Grammars of Selfing and Othering in the Metropolis
If every definition of an urban 'Self' involves exclusions or marginalizations of an urban or non-urban 'Other', the question arises how far these processes of selfing and othering can be approached within a comparative framework. Scanning the historical, sociological and anthropological literature on inclusions and exclusions, there appear to be three distinct modalities - one may perhaps call them grammars- by which definitions of Self and Other are structured:
• "orientalism" (Edward Said) constructs the self and its other as negative mirror images of one another;
• the grammar of segmentation (Edward Evans-Pritchard), a sliding scale of inclusions and exclusions which is organized according to distinguishable taxonomic Ieveis;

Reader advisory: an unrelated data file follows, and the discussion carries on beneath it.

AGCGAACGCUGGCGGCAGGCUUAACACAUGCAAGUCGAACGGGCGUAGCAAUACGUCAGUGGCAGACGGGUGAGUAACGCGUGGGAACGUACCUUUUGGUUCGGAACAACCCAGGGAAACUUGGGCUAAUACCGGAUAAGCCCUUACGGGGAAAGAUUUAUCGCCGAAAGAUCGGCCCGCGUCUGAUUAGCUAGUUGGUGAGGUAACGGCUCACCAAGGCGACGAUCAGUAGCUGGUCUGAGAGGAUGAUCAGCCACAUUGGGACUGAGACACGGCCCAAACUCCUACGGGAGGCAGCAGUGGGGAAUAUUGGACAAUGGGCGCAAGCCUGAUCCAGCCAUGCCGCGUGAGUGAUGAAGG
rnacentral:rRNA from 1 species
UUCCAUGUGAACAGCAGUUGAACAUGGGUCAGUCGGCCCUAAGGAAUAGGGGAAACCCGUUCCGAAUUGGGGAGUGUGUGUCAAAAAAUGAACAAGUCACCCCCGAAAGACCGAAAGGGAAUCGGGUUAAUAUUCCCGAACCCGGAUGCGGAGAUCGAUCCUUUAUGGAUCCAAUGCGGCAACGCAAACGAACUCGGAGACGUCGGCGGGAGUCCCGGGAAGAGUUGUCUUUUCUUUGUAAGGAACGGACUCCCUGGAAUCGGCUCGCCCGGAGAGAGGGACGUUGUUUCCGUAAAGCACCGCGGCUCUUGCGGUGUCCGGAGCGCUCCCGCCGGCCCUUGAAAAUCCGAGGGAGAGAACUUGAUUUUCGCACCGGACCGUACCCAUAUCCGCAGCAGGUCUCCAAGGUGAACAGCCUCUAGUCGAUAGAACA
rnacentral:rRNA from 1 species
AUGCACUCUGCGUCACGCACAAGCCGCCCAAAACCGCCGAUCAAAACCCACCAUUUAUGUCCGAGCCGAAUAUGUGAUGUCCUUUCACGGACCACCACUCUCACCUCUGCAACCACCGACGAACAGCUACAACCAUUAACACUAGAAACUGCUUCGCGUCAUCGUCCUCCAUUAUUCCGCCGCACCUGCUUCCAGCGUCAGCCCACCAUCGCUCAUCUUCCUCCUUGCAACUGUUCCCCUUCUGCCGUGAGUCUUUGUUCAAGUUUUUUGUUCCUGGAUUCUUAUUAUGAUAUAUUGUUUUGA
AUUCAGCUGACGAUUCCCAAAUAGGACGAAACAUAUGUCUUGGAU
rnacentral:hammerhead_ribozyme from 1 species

• "encompassement" (Louis Dumont), a hierarchical subsumption of the other under the self. In tracing these grammars in the utterances and processes of metropolitan selfings and otherings, as they are applied most visibly to non-urbans, outsiders or tourists, newcomers and postmigration minorities, it is possible to see the complex negotiations by which different grammars are pitched against each other and urban inclusions and exclusions are rendered contestable.
Gerd Baumann ist Professor für Kulturanthropologie am Research Centre Religion and Society der Universität Amsterdam.
U. a. Contesting Culture: Discourses of Identity in Multi-Ethnic London (Cambridge University Press 1996); The Multicultural Riddle: Re-Thinking National, Ethnic and Religious Identities (Routledge 1999)